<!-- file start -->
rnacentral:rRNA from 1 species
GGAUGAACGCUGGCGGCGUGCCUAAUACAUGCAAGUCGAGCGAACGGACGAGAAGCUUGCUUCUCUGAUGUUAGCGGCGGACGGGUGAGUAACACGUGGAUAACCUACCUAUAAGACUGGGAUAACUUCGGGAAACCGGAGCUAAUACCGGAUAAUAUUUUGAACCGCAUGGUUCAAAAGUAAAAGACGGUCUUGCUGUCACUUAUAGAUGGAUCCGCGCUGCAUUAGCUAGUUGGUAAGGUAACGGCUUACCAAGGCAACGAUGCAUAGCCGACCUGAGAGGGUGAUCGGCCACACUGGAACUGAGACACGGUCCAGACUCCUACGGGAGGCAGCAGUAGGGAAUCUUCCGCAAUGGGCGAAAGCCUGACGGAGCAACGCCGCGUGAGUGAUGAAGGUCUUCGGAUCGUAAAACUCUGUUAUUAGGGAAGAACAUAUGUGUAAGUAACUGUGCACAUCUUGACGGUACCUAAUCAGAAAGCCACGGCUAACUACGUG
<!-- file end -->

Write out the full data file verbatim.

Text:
rnacentral:rRNA from 1 species
GGAUGAACGCUGGCGGCGUGCCUAAUACAUGCAAGUCGAGCGAACGGACGAGAAGCUUGCUUCUCUGAUGUUAGCGGCGGACGGGUGAGUAACACGUGGAUAACCUACCUAUAAGACUGGGAUAACUUCGGGAAACCGGAGCUAAUACCGGAUAAUAUUUUGAACCGCAUGGUUCAAAAGUAAAAGACGGUCUUGCUGUCACUUAUAGAUGGAUCCGCGCUGCAUUAGCUAGUUGGUAAGGUAACGGCUUACCAAGGCAACGAUGCAUAGCCGACCUGAGAGGGUGAUCGGCCACACUGGAACUGAGACACGGUCCAGACUCCUACGGGAGGCAGCAGUAGGGAAUCUUCCGCAAUGGGCGAAAGCCUGACGGAGCAACGCCGCGUGAGUGAUGAAGGUCUUCGGAUCGUAAAACUCUGUUAUUAGGGAAGAACAUAUGUGUAAGUAACUGUGCACAUCUUGACGGUACCUAAUCAGAAAGCCACGGCUAACUACGUG